Semiconductor stocks have performed marvelously this year as technology stocks have rebounded strongly. A common indicator of semiconductor stock performance is the Philadelphia Semiconductor Index, better known as SOX, which is up 47% as of Aug. 20. This is quite a bit better than the increase of almost 14% posted by the S&P 500 and even that of the Nasdaq 100, up about 32% for the year. However, SOX consists of only 17 stocks, including venerable names such as Intel, Micron, Motorola, and Texas Instruments, hardly making the index's performance indicative of the broader semiconductor industry. Looking at semiconductor stocks with market capitalization greater than $250 million, the picture is even better. The average stock in this group of 73 is up 71% since the beginning of the year.
There's no denying that the industry is in the nascent stages of a possible recovery. As has happened before, the performance of the stocks precedes that of the fundamentals. Revenue and earnings only now are starting to show signs of recovery, while the stock prices have already anticipated this. Research firm Gartner recently increased its forecast for growth in the semiconductor industry, and judging from the strong results reported in this quarter's earnings announcements, this is indeed the case. Semiconductor stock earnings are now expected to increase 31% in 2003 relative to '02 and 29% in '04 compared with '03.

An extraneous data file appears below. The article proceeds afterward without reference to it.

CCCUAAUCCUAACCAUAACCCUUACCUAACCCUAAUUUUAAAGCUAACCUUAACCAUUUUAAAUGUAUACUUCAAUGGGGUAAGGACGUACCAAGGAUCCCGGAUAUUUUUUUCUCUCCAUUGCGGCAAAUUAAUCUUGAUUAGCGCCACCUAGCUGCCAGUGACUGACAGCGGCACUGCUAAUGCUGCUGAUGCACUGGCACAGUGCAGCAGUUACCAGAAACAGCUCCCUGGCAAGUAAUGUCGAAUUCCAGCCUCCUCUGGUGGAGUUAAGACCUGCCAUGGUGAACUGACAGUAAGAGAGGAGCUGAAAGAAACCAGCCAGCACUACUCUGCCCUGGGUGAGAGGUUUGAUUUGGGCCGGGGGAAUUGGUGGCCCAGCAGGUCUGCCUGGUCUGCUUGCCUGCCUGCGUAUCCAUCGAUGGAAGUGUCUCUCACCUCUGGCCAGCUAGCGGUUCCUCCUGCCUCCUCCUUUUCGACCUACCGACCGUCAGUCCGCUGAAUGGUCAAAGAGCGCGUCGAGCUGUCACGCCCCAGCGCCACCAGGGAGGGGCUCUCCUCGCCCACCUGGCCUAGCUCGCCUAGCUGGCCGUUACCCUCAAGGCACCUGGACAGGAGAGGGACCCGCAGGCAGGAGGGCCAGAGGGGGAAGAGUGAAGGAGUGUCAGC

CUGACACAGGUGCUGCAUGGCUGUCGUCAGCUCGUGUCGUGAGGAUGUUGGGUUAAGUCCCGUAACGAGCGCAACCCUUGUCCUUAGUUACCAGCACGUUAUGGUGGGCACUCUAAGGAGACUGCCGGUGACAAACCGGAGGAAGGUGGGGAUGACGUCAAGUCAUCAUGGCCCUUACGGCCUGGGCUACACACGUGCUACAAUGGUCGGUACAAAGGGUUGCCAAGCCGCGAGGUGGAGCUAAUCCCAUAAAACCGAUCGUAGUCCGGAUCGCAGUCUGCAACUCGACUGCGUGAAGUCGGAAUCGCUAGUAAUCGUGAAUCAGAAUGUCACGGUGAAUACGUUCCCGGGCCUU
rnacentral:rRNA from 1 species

As an investor, what I'm really interested in is whether these stocks are cheap or overpriced. Granted, valuation of semiconductor stocks is more art than science, given the cyclical nature of the industry. Examining our select group of 73 stocks, the average is trading at 36.5 times '03 analysts' estimates and 30.1 times '04 estimates. Compare this with the price/earning ratios on the S&P 500, which are 19.1 and 17.5 times '03 and '04 estimates, respectively. It isn't just the smaller stocks that are expensive. Intel, up 70% for the year, is trading at 38.4 times '03 earnings-per-share estimates and 29.4 times '04 earnings-per-share estimates--not exactly a bargain, in my opinion.
Once a semiconductor recovery gets into full swing, stock prices are likely to go higher than they should. Growth investors are probably the ones giving these stocks momentum, but watch out. When semiconductor stocks drop, they tend to do so with a vengeance, and all your gains might go hasta la vista, baby.
William Schaff is chief investment officer at Bay Isle Financial LLC, which manages the InformationWeek 100 Stock Index. Reach him at [email protected]. This article is provided for information purposes only and should not be used or construed as an offer to sell, a solicitation of an offer to buy, or a recommendation for any security. Bay Isle has no affiliation with, nor does it receive compensation from, any of the companies mentioned above. Bay Isle's current client portfolios may own publicly traded securities in one or more of these companies at any given time.